“I was born and raised in Kane, Manitoba, a very small town. There were six kids in our family — three boys, three girls. My father had a unique way of teaching my siblings and I the value of money and hard work, the farmer’s mentality so-to-speak. When I was 10-years-old, he gave each of us the income from an acre of land as our allowance and we had to learn to manage that allowance for the entire year. In farming you live from year-to-year, you rely on weather and nature to succeed. So, there’s obviously risk involved, and a need to plan ahead and work hard. I discovered much later that biotech had similarities in that it is high risk and there are cycles of good years and bad. To be successful one has to manage the successes of the good years to be able to sustain the lean years. So you have to learn to manage your money and assets over the long term and to plan for unforeseen circumstances. You’re in it for the long haul, just like biotech where it takes typically 13 years to develop a drug.”
Tragically, his father passed away in a farming accident when he was just 17. At that point, the lessons he had learned grew all the more meaningful as the responsibilities of looking after the farm fell to the children, which included his brother, brother-in-law and him. They were lessons he never forgot, and they shaped the rest of his life.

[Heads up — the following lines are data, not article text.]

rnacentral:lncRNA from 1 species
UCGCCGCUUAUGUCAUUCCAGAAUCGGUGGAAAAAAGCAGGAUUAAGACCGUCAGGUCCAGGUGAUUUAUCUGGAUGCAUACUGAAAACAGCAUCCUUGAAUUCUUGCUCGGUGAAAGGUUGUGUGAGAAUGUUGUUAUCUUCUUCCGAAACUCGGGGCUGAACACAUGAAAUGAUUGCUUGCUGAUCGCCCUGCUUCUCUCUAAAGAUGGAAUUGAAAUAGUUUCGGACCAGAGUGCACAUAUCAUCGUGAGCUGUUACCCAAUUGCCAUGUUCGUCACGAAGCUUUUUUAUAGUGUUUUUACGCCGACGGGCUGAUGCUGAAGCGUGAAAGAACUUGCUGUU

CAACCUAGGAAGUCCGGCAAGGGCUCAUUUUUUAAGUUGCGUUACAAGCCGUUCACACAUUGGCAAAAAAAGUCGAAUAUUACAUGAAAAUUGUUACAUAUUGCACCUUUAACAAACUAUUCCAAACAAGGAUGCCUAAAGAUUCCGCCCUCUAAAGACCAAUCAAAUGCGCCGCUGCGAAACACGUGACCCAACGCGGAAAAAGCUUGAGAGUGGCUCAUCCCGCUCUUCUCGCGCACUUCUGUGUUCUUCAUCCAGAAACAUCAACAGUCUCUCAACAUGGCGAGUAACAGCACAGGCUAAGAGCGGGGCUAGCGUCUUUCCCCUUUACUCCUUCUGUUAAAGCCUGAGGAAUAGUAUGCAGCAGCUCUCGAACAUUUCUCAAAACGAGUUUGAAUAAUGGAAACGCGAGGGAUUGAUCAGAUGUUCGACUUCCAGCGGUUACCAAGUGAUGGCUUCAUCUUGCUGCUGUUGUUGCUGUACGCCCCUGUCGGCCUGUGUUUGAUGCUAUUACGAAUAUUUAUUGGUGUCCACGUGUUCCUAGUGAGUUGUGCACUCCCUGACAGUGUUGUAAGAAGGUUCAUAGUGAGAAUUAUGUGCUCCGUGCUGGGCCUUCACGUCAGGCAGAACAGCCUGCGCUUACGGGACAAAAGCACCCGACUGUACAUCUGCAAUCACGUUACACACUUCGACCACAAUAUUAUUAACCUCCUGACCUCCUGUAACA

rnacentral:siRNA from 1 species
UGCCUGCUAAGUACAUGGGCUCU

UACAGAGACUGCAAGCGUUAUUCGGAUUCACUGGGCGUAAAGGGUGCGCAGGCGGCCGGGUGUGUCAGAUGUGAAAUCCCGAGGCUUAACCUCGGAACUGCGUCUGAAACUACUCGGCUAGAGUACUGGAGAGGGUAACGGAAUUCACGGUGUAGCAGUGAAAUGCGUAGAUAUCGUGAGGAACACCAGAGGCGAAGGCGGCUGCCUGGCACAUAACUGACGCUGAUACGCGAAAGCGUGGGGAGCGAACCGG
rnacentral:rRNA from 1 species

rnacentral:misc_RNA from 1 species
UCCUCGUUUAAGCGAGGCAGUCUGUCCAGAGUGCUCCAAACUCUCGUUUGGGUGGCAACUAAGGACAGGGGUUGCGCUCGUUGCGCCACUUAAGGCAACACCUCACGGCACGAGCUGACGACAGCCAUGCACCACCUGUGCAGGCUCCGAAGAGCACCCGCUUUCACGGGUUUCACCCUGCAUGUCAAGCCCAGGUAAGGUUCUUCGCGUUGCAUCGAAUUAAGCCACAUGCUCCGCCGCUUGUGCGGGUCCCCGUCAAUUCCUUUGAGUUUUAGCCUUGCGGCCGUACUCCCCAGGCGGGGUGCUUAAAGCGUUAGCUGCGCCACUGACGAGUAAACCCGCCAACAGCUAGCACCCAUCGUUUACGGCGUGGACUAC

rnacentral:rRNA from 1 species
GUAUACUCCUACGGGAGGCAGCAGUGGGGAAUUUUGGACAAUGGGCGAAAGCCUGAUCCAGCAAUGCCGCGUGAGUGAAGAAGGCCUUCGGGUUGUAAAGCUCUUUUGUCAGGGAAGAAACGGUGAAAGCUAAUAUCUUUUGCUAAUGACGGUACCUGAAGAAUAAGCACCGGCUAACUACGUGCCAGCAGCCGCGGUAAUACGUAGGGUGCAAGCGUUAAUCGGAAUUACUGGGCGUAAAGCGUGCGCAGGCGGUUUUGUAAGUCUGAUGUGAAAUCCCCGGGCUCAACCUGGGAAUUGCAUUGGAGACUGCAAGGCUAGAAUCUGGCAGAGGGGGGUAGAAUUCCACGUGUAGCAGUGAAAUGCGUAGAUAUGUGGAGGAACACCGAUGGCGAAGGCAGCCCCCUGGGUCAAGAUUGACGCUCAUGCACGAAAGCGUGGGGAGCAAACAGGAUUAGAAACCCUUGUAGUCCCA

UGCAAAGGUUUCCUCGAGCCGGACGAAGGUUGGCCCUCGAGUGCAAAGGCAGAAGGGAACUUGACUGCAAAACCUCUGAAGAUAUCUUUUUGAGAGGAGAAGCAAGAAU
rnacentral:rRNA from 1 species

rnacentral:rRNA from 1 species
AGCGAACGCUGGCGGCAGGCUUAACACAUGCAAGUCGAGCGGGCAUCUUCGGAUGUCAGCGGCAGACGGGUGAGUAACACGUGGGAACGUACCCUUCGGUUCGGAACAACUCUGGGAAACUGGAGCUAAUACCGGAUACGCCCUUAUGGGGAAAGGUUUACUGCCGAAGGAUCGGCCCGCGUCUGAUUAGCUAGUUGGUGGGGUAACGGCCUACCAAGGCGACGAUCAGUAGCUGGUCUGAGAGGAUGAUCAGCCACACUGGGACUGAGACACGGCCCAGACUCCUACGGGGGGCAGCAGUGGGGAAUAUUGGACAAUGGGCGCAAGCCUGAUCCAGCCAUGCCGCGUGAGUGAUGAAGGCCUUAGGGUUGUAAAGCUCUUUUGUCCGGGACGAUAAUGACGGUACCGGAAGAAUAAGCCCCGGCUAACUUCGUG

WinRho®: A landmark discovery in Canadian biotech
The next life altering event in Dr. Friesen’s life came not long after, when in his Grade 11 year he found he enjoyed chemistry.
“As of then, I knew I wanted to be a chemist, so I took the necessary steps and it wasn’t long (six years) before I found myself working on my PhD in protein chemistry, trying to understand the biological impact of the chemical structure of proteins.”
Like his choice to be a chemist, the realization that he wanted to become an entrepreneur came not long after, when two physicians (one being Dr. Bruce Chown) came into his lab and expressed that they were looking for a new way of making a Rh antibody, a product that prevented Rh disease, or the destruction of fetal red-blood cells, in newborns.
“At the time, if an expectant mother was Rh negative, and the father was Rh positive, the baby could be Rh positive and this was quite a concern for couples getting married. In fact, many couples were being blood typed to see whether they were even Rh compatible. So to do the research, they felt they needed a protein chemist and a lab to do the research, and so Dr. Chown asked me to get involved. I was a year or so into my PhD, and it was a tremendous opportunity.”